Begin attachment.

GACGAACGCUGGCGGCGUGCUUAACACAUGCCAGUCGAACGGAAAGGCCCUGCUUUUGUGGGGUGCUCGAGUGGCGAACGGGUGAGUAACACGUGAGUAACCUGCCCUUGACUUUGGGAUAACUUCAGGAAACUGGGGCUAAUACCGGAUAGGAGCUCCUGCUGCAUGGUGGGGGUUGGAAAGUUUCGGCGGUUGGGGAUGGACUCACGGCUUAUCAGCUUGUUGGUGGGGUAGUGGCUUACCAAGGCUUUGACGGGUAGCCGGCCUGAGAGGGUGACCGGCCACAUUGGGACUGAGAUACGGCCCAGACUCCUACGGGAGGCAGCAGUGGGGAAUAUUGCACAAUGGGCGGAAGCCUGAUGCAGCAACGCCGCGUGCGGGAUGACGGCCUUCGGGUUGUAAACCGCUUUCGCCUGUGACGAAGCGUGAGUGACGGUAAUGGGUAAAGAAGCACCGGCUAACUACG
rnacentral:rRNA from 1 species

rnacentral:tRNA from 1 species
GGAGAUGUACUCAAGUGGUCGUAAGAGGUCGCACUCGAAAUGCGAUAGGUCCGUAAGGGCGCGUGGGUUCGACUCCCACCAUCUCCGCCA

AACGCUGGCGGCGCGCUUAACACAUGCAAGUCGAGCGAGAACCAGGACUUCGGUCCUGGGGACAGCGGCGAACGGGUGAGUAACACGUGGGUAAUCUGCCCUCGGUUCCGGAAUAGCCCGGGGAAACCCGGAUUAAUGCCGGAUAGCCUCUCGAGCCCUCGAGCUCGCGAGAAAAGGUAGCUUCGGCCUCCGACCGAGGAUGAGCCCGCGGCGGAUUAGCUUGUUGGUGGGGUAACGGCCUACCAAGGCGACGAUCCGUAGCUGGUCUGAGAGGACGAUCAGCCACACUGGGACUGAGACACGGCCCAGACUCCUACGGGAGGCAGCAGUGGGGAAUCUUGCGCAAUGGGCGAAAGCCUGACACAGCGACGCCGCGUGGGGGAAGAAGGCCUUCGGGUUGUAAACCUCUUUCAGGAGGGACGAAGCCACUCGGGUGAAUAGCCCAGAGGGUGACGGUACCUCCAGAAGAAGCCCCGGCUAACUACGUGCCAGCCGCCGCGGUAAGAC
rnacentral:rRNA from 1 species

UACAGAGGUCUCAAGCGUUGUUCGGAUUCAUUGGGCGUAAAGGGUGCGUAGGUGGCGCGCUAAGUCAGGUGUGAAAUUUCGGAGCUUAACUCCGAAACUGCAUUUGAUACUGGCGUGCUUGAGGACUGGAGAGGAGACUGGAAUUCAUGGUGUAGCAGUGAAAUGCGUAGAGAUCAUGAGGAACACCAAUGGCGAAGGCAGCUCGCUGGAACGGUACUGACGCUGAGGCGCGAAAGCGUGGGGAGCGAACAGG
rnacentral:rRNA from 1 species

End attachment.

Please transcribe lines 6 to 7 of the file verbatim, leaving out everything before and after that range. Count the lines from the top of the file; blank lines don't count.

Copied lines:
rnacentral:rRNA from 1 species

UACAGAGGUCUCAAGCGUUGUUCGGAUUCAUUGGGCGUAAAGGGUGCGUAGGUGGCGCGCUAAGUCAGGUGUGAAAUUUCGGAGCUUAACUCCGAAACUGCAUUUGAUACUGGCGUGCUUGAGGACUGGAGAGGAGACUGGAAUUCAUGGUGUAGCAGUGAAAUGCGUAGAGAUCAUGAGGAACACCAAUGGCGAAGGCAGCUCGCUGGAACGGUACUGACGCUGAGGCGCGAAAGCGUGGGGAGCGAACAGG